In 2008, one farmer from Blackburn in the UK got 32 pence (around $0.45) from the EU’s Common Agriculture Policy (CAP). That’s not much, but it’s still over 30 times as much as one of his neighbours, who only got a penny. At the same time, some large landowners in the UK and other countries got hundreds of thousands of euros. The food industry didn’t do too badly either, with some food processors getting around a million pounds each. The biggest payout, over £6.7 million, went to a “professional services company in the sugar market”.
Other OECD countries could show a similar pattern for farm subsidies, with the rich getting more than their less well-off colleagues. More what, though? There are problems with vocabulary in such a sensitive area. For some people, we’re talking about handouts or the less pejorative “aid” or “assistance”; others prefer the dynamism of “incentives”, or the neutral-sounding “transfers”. The OECD term “support” describes the various ways in which governments intervene in the business of agriculture, including subsidies, grants, tax breaks and other policies that boost revenues.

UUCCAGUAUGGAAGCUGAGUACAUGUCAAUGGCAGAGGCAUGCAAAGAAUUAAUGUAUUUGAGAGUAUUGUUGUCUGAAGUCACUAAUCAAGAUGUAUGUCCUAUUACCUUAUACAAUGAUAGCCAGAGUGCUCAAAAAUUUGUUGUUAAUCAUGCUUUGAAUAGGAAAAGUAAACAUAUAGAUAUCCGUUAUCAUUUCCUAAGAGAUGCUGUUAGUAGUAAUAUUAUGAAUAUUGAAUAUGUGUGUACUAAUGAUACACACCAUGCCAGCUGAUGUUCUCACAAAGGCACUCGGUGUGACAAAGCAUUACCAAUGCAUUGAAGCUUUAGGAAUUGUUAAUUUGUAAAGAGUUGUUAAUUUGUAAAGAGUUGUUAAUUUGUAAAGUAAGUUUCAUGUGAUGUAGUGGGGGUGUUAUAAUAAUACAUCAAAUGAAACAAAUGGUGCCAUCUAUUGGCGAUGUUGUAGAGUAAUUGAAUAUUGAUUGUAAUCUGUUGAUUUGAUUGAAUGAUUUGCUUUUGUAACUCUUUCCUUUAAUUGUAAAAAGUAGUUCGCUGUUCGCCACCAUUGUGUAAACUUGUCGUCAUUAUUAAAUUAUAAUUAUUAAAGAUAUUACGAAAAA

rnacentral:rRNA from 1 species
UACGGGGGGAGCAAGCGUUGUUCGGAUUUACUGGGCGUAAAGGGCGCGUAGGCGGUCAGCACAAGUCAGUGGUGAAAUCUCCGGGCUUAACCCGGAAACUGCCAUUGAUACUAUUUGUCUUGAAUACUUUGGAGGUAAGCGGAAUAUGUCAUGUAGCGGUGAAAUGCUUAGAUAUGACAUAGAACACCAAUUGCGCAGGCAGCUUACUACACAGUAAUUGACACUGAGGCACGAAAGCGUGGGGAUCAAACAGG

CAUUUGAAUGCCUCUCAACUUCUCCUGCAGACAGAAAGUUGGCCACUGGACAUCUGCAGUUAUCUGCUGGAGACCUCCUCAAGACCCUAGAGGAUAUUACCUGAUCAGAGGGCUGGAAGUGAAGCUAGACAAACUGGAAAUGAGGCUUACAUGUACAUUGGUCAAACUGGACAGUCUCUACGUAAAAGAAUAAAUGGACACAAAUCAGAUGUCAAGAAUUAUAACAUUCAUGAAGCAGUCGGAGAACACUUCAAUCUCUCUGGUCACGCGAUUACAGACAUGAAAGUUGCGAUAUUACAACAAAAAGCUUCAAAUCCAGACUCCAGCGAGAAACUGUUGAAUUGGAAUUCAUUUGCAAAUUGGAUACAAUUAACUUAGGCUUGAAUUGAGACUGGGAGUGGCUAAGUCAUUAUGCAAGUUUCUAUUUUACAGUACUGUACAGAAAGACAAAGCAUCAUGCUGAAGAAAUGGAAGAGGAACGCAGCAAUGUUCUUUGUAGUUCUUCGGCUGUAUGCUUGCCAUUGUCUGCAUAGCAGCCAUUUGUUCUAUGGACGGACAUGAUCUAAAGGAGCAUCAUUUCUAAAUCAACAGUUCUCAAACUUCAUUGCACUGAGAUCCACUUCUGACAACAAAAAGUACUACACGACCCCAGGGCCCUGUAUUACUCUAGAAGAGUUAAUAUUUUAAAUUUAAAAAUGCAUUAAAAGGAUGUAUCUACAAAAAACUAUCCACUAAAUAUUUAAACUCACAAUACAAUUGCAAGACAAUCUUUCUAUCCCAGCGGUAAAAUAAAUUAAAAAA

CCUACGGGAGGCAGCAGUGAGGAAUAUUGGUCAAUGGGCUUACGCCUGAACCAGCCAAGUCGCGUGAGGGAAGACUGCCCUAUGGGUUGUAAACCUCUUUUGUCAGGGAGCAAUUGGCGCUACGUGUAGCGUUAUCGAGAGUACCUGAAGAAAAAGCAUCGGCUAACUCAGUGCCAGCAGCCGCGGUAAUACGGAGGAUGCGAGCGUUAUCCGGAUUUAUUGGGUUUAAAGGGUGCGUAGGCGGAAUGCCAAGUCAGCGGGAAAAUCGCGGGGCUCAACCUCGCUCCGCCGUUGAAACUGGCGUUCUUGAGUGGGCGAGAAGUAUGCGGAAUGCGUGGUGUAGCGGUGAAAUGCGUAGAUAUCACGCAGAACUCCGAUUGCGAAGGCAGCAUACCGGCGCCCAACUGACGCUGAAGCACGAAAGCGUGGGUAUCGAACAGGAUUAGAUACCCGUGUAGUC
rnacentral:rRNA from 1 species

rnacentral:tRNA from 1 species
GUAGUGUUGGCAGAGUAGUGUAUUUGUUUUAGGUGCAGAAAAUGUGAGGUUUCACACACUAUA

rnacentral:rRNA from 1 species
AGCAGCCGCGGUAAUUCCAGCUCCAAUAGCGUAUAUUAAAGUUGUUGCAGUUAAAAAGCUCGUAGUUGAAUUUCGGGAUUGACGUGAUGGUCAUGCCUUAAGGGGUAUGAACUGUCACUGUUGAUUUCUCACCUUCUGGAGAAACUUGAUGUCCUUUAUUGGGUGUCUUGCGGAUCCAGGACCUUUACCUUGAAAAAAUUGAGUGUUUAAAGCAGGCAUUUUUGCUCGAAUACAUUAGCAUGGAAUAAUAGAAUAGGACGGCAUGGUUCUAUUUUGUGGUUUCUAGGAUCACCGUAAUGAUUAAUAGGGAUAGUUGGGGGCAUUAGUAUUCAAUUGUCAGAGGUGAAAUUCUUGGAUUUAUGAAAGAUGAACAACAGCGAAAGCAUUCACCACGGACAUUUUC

So what’s it worth? Over $258.6 billion (EUR 201.2 billion) in the OECD area in 2012 according to Agricultural Policy Monitoring and Evaluation 2013: OECD Countries and Emerging Economies, published today. Support represented 19% of farm receipts in the OECD, up from 18% in 2011. Support averaged one-sixth of gross farm receipts in the 47 OECD and non-OECD countries covered in the report. The Producer Support Estimate increased to 17% of gross farm receipts in 2012, compared to 15% in 2011.
It can be hard to understand the economic justification of support to farmers. If there is a surplus in supply, why should the taxpayer subsidise producers? If there is a shortfall, you’d expect prices to rise and the need for subsidies to disappear (or at least weaken). The reason usually given by governments is that agricultural policies are designed to improve the “competitiveness” of their farmers. Yet sometimes this is meant to be achieved by reducing support in the interests of imposing stronger market discipline, while at other times improved competitiveness means granting subsidies for inputs such as fertilisers; according tax concessions, for example on diesel fuel; or providing financial incentives to meet the costs of implementing new regulations.